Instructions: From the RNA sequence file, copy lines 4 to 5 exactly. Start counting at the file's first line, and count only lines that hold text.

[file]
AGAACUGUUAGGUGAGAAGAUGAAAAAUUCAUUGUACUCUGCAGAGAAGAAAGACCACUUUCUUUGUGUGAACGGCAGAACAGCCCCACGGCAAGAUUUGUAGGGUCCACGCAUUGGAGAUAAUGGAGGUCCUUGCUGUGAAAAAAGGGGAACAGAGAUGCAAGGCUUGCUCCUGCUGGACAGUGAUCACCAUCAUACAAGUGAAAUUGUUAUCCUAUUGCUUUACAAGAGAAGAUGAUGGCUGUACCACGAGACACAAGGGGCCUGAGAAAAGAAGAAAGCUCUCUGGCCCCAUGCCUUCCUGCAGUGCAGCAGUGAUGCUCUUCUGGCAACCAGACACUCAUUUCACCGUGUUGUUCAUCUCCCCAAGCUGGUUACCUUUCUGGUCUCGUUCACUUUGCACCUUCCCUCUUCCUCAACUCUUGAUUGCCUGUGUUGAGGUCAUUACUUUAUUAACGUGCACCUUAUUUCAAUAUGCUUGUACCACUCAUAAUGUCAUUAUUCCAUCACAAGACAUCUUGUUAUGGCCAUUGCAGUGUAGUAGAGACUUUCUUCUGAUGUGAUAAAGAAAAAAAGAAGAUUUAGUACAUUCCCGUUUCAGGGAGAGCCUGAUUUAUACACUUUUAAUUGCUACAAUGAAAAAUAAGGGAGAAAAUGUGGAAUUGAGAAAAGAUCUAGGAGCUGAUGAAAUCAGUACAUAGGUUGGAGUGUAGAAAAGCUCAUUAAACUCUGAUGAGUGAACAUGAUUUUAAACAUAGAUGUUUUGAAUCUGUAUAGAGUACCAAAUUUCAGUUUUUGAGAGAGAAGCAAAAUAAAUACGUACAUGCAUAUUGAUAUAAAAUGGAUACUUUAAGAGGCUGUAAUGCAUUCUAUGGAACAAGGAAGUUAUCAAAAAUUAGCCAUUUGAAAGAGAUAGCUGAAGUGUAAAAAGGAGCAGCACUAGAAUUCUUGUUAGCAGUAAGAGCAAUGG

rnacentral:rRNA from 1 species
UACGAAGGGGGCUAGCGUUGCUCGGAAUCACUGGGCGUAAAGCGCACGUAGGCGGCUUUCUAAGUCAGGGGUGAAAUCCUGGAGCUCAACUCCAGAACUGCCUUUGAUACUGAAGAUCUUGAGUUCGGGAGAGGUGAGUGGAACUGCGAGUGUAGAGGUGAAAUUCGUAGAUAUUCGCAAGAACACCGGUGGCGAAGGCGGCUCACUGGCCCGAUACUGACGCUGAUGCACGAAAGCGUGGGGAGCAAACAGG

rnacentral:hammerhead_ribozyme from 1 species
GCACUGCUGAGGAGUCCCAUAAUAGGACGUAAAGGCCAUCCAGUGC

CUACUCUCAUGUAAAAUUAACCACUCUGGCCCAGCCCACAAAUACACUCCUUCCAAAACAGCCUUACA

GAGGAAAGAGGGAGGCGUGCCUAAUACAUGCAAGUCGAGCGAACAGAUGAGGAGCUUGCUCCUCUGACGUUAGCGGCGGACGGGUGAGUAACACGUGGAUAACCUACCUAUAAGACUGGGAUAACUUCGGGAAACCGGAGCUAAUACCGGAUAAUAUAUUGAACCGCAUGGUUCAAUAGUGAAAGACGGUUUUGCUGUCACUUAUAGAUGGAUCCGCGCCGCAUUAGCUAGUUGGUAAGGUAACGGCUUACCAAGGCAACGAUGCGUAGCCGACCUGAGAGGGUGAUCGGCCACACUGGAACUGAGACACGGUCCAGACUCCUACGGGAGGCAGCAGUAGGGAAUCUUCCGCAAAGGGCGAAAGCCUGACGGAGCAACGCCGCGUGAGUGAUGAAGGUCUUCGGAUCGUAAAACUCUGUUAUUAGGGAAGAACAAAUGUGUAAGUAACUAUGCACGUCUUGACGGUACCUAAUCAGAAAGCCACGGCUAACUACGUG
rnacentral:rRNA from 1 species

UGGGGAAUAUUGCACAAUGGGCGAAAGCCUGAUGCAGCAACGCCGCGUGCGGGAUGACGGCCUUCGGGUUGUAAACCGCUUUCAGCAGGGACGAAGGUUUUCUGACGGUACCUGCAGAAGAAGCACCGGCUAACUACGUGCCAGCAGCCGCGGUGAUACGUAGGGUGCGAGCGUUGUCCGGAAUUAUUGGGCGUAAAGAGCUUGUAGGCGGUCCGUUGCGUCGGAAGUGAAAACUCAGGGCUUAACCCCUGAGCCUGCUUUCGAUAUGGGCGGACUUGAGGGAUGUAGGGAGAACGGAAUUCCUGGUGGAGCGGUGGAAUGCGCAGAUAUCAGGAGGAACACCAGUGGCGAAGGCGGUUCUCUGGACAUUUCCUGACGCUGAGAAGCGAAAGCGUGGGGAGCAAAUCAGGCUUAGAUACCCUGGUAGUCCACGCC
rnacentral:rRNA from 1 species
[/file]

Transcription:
rnacentral:hammerhead_ribozyme from 1 species
GCACUGCUGAGGAGUCCCAUAAUAGGACGUAAAGGCCAUCCAGUGC